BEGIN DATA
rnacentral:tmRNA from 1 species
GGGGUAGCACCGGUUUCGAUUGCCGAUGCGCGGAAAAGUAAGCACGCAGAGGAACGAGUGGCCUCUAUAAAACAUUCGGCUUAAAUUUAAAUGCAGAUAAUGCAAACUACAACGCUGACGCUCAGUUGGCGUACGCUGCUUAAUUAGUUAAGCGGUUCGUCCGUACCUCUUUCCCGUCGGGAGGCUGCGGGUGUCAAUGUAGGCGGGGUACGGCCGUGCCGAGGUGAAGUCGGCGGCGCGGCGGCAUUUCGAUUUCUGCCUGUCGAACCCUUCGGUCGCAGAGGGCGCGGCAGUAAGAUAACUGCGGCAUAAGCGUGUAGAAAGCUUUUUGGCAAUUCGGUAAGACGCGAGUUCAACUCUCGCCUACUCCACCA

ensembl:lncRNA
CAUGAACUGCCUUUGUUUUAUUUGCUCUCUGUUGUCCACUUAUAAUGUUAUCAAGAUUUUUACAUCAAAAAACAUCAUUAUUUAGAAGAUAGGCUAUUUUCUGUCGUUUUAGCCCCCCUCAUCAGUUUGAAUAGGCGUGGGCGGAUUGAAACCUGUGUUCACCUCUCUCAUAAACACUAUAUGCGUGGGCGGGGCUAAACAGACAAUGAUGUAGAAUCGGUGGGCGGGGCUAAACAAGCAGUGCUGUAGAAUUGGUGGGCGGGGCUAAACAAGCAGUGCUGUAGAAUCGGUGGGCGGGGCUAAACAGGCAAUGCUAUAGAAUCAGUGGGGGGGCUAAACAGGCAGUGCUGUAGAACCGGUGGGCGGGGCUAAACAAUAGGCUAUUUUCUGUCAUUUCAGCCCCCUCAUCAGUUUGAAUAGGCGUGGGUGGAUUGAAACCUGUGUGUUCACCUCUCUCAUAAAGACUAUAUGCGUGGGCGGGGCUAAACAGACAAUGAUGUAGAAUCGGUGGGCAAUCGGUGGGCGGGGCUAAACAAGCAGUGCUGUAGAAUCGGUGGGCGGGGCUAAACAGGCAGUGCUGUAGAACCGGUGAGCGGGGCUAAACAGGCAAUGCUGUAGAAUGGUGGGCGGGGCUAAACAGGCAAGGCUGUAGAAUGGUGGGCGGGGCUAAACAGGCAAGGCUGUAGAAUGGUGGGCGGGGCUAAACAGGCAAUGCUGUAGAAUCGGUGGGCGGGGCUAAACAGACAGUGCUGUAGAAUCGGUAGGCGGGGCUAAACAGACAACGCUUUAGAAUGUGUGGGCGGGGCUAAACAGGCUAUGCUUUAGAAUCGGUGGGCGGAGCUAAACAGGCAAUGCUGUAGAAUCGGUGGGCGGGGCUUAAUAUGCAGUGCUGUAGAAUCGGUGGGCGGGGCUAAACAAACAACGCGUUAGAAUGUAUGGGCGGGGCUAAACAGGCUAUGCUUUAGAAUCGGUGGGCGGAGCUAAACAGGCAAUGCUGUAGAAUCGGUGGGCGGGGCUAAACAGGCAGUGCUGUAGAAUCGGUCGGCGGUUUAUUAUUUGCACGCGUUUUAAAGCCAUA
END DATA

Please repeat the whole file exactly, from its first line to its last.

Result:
rnacentral:tmRNA from 1 species
GGGGUAGCACCGGUUUCGAUUGCCGAUGCGCGGAAAAGUAAGCACGCAGAGGAACGAGUGGCCUCUAUAAAACAUUCGGCUUAAAUUUAAAUGCAGAUAAUGCAAACUACAACGCUGACGCUCAGUUGGCGUACGCUGCUUAAUUAGUUAAGCGGUUCGUCCGUACCUCUUUCCCGUCGGGAGGCUGCGGGUGUCAAUGUAGGCGGGGUACGGCCGUGCCGAGGUGAAGUCGGCGGCGCGGCGGCAUUUCGAUUUCUGCCUGUCGAACCCUUCGGUCGCAGAGGGCGCGGCAGUAAGAUAACUGCGGCAUAAGCGUGUAGAAAGCUUUUUGGCAAUUCGGUAAGACGCGAGUUCAACUCUCGCCUACUCCACCA

ensembl:lncRNA
CAUGAACUGCCUUUGUUUUAUUUGCUCUCUGUUGUCCACUUAUAAUGUUAUCAAGAUUUUUACAUCAAAAAACAUCAUUAUUUAGAAGAUAGGCUAUUUUCUGUCGUUUUAGCCCCCCUCAUCAGUUUGAAUAGGCGUGGGCGGAUUGAAACCUGUGUUCACCUCUCUCAUAAACACUAUAUGCGUGGGCGGGGCUAAACAGACAAUGAUGUAGAAUCGGUGGGCGGGGCUAAACAAGCAGUGCUGUAGAAUUGGUGGGCGGGGCUAAACAAGCAGUGCUGUAGAAUCGGUGGGCGGGGCUAAACAGGCAAUGCUAUAGAAUCAGUGGGGGGGCUAAACAGGCAGUGCUGUAGAACCGGUGGGCGGGGCUAAACAAUAGGCUAUUUUCUGUCAUUUCAGCCCCCUCAUCAGUUUGAAUAGGCGUGGGUGGAUUGAAACCUGUGUGUUCACCUCUCUCAUAAAGACUAUAUGCGUGGGCGGGGCUAAACAGACAAUGAUGUAGAAUCGGUGGGCAAUCGGUGGGCGGGGCUAAACAAGCAGUGCUGUAGAAUCGGUGGGCGGGGCUAAACAGGCAGUGCUGUAGAACCGGUGAGCGGGGCUAAACAGGCAAUGCUGUAGAAUGGUGGGCGGGGCUAAACAGGCAAGGCUGUAGAAUGGUGGGCGGGGCUAAACAGGCAAGGCUGUAGAAUGGUGGGCGGGGCUAAACAGGCAAUGCUGUAGAAUCGGUGGGCGGGGCUAAACAGACAGUGCUGUAGAAUCGGUAGGCGGGGCUAAACAGACAACGCUUUAGAAUGUGUGGGCGGGGCUAAACAGGCUAUGCUUUAGAAUCGGUGGGCGGAGCUAAACAGGCAAUGCUGUAGAAUCGGUGGGCGGGGCUUAAUAUGCAGUGCUGUAGAAUCGGUGGGCGGGGCUAAACAAACAACGCGUUAGAAUGUAUGGGCGGGGCUAAACAGGCUAUGCUUUAGAAUCGGUGGGCGGAGCUAAACAGGCAAUGCUGUAGAAUCGGUGGGCGGGGCUAAACAGGCAGUGCUGUAGAAUCGGUCGGCGGUUUAUUAUUUGCACGCGUUUUAAAGCCAUA